I’ve always got a bunch of great ideas. Seriously. This is even better (and probably more profitable) than my idea for replacing “quatre-vingt-dix” in French with “trois-trente.” (“Trois-trente huit, trois-trente neuf, cent—prêt pas prêt j’y vais!” Anyone who has studied French as a second language will agree that this is a very reasonable first step toward reforming the French language.)
By the way, if you take my idea and make a million dollars off it, by reading this sentence, you agree, in a legally-binding sense, to give me the trifling cut of only 40% of the profits. I’m pretty sure that’s how this works. I saw it on the internet once.
Here’s my idea. I have some candles in my apartment. Smelly candles. Some are supposed to smell like fruits, some like gingerbread. When the candles are burning, they smell wonderful. This is good.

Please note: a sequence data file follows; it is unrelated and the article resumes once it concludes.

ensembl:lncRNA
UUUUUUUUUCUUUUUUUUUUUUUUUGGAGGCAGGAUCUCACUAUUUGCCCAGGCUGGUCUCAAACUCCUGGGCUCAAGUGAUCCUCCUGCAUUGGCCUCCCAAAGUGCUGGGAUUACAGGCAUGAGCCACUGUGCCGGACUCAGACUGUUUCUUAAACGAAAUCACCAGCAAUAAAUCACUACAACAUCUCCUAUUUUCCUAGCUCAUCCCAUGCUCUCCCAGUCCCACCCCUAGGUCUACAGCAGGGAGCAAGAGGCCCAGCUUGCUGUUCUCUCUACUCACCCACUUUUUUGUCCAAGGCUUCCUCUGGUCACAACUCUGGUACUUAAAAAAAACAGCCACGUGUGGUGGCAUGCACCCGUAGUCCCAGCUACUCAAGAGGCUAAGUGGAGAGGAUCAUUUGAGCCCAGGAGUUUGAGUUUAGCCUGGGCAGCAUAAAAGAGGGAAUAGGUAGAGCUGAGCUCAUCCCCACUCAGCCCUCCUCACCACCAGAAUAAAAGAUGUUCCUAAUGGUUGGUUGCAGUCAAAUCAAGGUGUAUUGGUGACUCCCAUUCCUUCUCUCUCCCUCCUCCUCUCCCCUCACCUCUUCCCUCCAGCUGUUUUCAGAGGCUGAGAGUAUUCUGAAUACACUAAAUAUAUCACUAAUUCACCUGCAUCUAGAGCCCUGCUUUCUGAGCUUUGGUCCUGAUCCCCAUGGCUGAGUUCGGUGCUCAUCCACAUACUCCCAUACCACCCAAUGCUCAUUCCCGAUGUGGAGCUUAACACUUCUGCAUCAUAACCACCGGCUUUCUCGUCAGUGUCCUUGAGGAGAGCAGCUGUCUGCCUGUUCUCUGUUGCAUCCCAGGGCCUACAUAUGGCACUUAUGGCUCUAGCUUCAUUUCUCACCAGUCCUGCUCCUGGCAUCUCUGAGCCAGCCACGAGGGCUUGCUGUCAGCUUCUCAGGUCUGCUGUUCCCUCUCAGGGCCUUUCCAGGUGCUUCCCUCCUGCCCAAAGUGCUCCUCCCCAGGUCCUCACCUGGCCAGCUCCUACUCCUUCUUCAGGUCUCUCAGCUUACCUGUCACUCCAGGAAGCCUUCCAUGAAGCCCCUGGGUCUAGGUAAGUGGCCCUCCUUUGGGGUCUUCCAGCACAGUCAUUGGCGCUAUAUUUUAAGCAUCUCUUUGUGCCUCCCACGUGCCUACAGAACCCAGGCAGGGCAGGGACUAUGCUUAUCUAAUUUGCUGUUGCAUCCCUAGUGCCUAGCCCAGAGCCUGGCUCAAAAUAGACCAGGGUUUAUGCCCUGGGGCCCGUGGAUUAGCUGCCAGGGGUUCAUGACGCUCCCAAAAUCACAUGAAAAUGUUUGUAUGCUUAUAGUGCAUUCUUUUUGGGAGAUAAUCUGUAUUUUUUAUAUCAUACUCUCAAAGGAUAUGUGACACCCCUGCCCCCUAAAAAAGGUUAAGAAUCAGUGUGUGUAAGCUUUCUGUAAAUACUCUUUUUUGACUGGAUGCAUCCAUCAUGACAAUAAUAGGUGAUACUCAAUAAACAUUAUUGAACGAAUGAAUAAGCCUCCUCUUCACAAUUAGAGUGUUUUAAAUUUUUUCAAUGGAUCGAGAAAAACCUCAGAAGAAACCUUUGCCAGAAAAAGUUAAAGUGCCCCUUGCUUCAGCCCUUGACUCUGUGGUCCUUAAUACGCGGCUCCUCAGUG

The problem comes when I blow the candles out. Every smelly candle does this: When you blow it out, it smells like smoke and something burning, and all the benefit of having lit a smelly candle in the first place is gone forever. This is bad.
Here is my proposed solution. Someone should invent a smelly candle that doesn’t stink when you blow it out. You could do this through the use of … umm … chemistry. Or maybe some sort of apparatus that contains the smoke and releases it slowly over several hours, so that I don’t notice it until it’s already over. At least there wouldn’t be the swift and dramatic difference between everything smelling good, and then all of a sudden, smoke and burning things. Maybe I just need to get an airtight jar made of a strong kind of glass whose top I can close when I want to extinguish the candle. I imagine that there would be complications because the air would all be burned up inside the glass, but we can let the engineers solve that one.